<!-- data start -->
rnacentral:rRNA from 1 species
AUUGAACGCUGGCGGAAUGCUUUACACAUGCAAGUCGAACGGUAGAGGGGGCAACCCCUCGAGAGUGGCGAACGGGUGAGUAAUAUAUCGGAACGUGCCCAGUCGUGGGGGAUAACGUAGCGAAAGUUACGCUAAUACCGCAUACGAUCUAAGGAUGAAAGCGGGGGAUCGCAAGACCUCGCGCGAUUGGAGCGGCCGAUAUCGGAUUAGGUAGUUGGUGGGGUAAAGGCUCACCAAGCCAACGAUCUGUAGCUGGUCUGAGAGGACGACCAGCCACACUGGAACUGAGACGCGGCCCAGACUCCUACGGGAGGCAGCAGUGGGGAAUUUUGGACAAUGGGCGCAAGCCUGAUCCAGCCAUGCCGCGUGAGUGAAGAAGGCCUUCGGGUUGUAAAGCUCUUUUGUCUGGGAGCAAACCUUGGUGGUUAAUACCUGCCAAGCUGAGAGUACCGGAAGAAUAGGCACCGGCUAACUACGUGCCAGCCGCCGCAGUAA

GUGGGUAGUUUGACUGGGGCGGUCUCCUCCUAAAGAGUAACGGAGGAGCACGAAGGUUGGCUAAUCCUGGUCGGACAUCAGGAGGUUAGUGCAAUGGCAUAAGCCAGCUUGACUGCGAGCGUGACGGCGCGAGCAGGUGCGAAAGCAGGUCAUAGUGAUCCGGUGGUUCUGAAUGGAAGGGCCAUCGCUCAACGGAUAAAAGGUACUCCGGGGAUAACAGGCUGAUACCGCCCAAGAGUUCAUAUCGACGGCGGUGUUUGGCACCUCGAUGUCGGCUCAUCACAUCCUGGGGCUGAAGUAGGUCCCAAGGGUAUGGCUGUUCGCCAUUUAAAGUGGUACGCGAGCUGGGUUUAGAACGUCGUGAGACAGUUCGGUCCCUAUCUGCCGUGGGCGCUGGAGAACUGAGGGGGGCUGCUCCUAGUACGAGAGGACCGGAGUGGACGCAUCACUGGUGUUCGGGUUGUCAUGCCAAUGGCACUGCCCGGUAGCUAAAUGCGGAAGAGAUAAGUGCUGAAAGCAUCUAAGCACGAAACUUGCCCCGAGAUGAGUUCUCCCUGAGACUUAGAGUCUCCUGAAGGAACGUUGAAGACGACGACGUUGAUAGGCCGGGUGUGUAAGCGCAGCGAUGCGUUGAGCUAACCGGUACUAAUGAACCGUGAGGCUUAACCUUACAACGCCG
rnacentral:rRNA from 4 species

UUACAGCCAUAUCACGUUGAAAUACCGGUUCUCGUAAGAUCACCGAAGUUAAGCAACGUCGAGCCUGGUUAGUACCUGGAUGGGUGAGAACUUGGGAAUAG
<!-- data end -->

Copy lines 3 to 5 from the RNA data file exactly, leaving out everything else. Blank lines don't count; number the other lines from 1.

GUGGGUAGUUUGACUGGGGCGGUCUCCUCCUAAAGAGUAACGGAGGAGCACGAAGGUUGGCUAAUCCUGGUCGGACAUCAGGAGGUUAGUGCAAUGGCAUAAGCCAGCUUGACUGCGAGCGUGACGGCGCGAGCAGGUGCGAAAGCAGGUCAUAGUGAUCCGGUGGUUCUGAAUGGAAGGGCCAUCGCUCAACGGAUAAAAGGUACUCCGGGGAUAACAGGCUGAUACCGCCCAAGAGUUCAUAUCGACGGCGGUGUUUGGCACCUCGAUGUCGGCUCAUCACAUCCUGGGGCUGAAGUAGGUCCCAAGGGUAUGGCUGUUCGCCAUUUAAAGUGGUACGCGAGCUGGGUUUAGAACGUCGUGAGACAGUUCGGUCCCUAUCUGCCGUGGGCGCUGGAGAACUGAGGGGGGCUGCUCCUAGUACGAGAGGACCGGAGUGGACGCAUCACUGGUGUUCGGGUUGUCAUGCCAAUGGCACUGCCCGGUAGCUAAAUGCGGAAGAGAUAAGUGCUGAAAGCAUCUAAGCACGAAACUUGCCCCGAGAUGAGUUCUCCCUGAGACUUAGAGUCUCCUGAAGGAACGUUGAAGACGACGACGUUGAUAGGCCGGGUGUGUAAGCGCAGCGAUGCGUUGAGCUAACCGGUACUAAUGAACCGUGAGGCUUAACCUUACAACGCCG
rnacentral:rRNA from 4 species

UUACAGCCAUAUCACGUUGAAAUACCGGUUCUCGUAAGAUCACCGAAGUUAAGCAACGUCGAGCCUGGUUAGUACCUGGAUGGGUGAGAACUUGGGAAUAG